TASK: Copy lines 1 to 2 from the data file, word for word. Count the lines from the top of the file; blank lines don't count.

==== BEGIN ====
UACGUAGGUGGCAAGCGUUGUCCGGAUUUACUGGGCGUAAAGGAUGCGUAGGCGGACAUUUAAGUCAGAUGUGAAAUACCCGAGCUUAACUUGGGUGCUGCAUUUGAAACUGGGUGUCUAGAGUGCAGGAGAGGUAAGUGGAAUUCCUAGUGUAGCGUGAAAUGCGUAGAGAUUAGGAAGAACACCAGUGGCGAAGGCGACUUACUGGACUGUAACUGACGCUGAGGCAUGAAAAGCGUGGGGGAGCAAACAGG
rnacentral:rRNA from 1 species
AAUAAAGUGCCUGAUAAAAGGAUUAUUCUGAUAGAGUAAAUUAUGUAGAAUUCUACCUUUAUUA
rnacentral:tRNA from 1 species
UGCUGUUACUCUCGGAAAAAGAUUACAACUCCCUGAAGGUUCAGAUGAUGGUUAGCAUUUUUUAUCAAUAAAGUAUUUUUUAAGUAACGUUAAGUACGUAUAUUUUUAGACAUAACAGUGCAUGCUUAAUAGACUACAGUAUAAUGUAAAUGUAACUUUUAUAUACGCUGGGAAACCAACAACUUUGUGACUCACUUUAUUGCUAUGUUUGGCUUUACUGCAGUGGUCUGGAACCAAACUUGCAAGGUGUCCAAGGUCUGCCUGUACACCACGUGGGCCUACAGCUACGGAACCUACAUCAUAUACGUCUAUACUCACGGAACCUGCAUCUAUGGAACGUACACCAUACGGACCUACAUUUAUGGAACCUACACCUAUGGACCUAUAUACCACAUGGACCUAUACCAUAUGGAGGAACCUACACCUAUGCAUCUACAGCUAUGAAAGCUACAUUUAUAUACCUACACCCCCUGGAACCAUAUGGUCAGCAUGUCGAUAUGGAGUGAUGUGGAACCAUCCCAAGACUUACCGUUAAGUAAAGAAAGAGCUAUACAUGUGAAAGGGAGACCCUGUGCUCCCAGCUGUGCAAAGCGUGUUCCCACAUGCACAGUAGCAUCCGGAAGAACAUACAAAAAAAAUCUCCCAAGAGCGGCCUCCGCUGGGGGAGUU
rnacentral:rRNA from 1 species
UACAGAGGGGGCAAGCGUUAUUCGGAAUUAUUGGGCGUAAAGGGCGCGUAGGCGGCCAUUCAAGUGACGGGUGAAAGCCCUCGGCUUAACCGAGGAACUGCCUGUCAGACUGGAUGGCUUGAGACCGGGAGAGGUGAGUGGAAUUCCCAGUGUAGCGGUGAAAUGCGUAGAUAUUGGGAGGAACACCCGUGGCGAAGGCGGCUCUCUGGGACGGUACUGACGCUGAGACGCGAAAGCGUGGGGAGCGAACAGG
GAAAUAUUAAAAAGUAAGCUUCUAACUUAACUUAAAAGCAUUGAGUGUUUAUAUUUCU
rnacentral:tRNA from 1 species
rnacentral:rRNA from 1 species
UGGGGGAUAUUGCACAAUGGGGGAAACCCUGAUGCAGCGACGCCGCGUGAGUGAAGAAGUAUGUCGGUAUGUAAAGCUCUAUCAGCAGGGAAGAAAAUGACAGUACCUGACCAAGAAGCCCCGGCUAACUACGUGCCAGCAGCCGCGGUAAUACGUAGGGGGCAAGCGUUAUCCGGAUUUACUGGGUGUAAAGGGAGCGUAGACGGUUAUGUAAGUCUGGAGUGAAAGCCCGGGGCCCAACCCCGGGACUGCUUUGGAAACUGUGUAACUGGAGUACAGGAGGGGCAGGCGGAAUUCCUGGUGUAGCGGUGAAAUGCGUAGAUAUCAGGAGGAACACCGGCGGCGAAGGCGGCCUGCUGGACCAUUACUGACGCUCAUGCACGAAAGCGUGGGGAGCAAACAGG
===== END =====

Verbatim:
UACGUAGGUGGCAAGCGUUGUCCGGAUUUACUGGGCGUAAAGGAUGCGUAGGCGGACAUUUAAGUCAGAUGUGAAAUACCCGAGCUUAACUUGGGUGCUGCAUUUGAAACUGGGUGUCUAGAGUGCAGGAGAGGUAAGUGGAAUUCCUAGUGUAGCGUGAAAUGCGUAGAGAUUAGGAAGAACACCAGUGGCGAAGGCGACUUACUGGACUGUAACUGACGCUGAGGCAUGAAAAGCGUGGGGGAGCAAACAGG
rnacentral:rRNA from 1 species